As a man, I regularly use the word "need." I ask for my needs to be met in life, in work and in friendships. While I may not often get my wants fulfilled, I am insistent that my needs be met. I don't hesitate to expect this.
But what about women? Do we, as a society, condition girls and young women to, at the very least, expect their needs to be met? Or are we making them feel guilty or nervous about everything related to the word "need?"
"My throat starts to close up every time I want to say it," Charity, a reader from Canada, told me.
Jane, a 39-year-old executive assistant, feels the same anxiety when it comes to asking for her needs to be met, and is equally anxious about the word "need" in general: "I can't tell you how many times I've wanted to tell my husband about what I need in our relationship, but something just stops me. I feel like I am being too pushy, too needy, that it's not the right time."
Some of us have seen articles or reports about how women don't ask for what they need (or deserve) in the workplace as readily as men. But have we explored whether a woman's needs are fully expressed in other parts of her life?
Even women who don't hesitate to ask for what they need in other areas of life don't always hold the men they're in a relationship with as accountable as they should. Diana, a non-profit director in her late 20's, said she has no problem requiring that her needs be met at work, but it's a different story in her personal relationships: "I still hesitate to leave someone who has not met my needs."
Lisa, 42, said, "I'm constantly evaluating whether I am a burden to my friends, family and boyfriends based on asking for needs to be met. I am overwhelmed by not having my needs met and I'm being overwhelmed with everyone else's needs."
Women who feel uncomfortable with requesting that their needs be met are not simply dealing with this hurdle at work or in romance. The "need" issue is something that haunts them in almost every part of their lives, in every relationship (romantic or not). And a woman's hesitation about expressing her needs is a self-perpetuating cycle because, as a culture, we like to take, take, take from women and rarely, if ever, do we ask if they are giving too much away.
And what about the other "N" word? Needy.
"I spend my time not asking for things because it would kill me if I was seen as needy."
As a culture, we often remind women that being "needy" is a cardinal sin in relationships. No shortage of articles in women's magazines write about how being "needy" is a sure-fire way to end up single and lonely.
But what does this word, "needy," really mean anymore? Are we lumping together a woman's basic needs with the idea of "needy," which so often refers to someone displaying stalker-like behavior?
The needy descriptor also seems to be used against women when they are looking for clarification on the status of a romantic relationship.
Kari, 32, faced this scenario with her now ex-boyfriend. "We had been casually dating for 4 months, and I decided that I needed to understand where all this was headed. I am not getting any younger and I need more stability," Kari told me.
When Kari asked the guy she was with where he thought things were headed, he immediately responded, "What I do know is that I don't want a needy girlfriend."
Kari was left feeling frustrated. "I am in limbo -- in this borderless relationship and he got to make me feel like some desperate woman because I am interested in being an adult? It's ridiculous."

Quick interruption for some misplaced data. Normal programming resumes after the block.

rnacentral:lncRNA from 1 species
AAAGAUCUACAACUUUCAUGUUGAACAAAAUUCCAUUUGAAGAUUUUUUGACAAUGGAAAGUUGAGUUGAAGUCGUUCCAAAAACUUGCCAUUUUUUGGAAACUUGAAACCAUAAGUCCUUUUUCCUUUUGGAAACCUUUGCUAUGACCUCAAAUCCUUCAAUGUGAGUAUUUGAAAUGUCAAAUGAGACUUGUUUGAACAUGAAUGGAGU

The word needy has been transformed into a slur, an insult we use to delegitimize women's needs and concerns, making them think twice before asking for what they need -- if they ask at all.
But why isn't the word "needy" ever really used against men? In my mind, it goes back to the start of this column: Men are conditioned to expect their needs to be met. So when a guy is demanding any sort of clarity about a relationship, we never see his demands as desperate or needy, because we think it's perfectly acceptable for a guy to expect his needs to be fulfilled.
What I have always found fascinating and ironic is how men reveal their actual vulnerability behind closed doors. The masculine shell so many men obsessively keep up in public is often shed when they're alone with their romantic partners at night.
"My husband totally fits the needy description, but only when we're about to go to bed. And then, all I hear about is the stuff I didn't do to show him attention, the way I made him feel. I wish people could see this, it would change how people see him," says Amanda (age 36), who has been married for four years.
The word "needy" has been used against women in relationships. We obsessively warn men to avoid appearing needy in public and more problematically, we discourage women from displaying any visible signs of expressing need -- of showing "neediness."
But have we, as a result, also encouraged women not to expect their basic needs to be met?
And when are we going to realize and acknowledge that men are just as needy as women, and some would argue, even more so?
It's remarkable, really, that men need and rely on women throughout their entire lives, starting with their mothers, just as women need and rely on men throughout their lives, starting with their fathers. There's nothing wrong with that. But somehow, at some point in their lives, women were cut off from having the ability to comfortably express their needs. Our culture deems it incredibly unattractive for women to do anything but serve men, so women avoid the accusation of being "needy" at all costs.
And as a result, too many women have nothing left for themselves.
Maybe it's time for these women to employ the other "N" word: "No."
This column was originally posted on The Current Conscience
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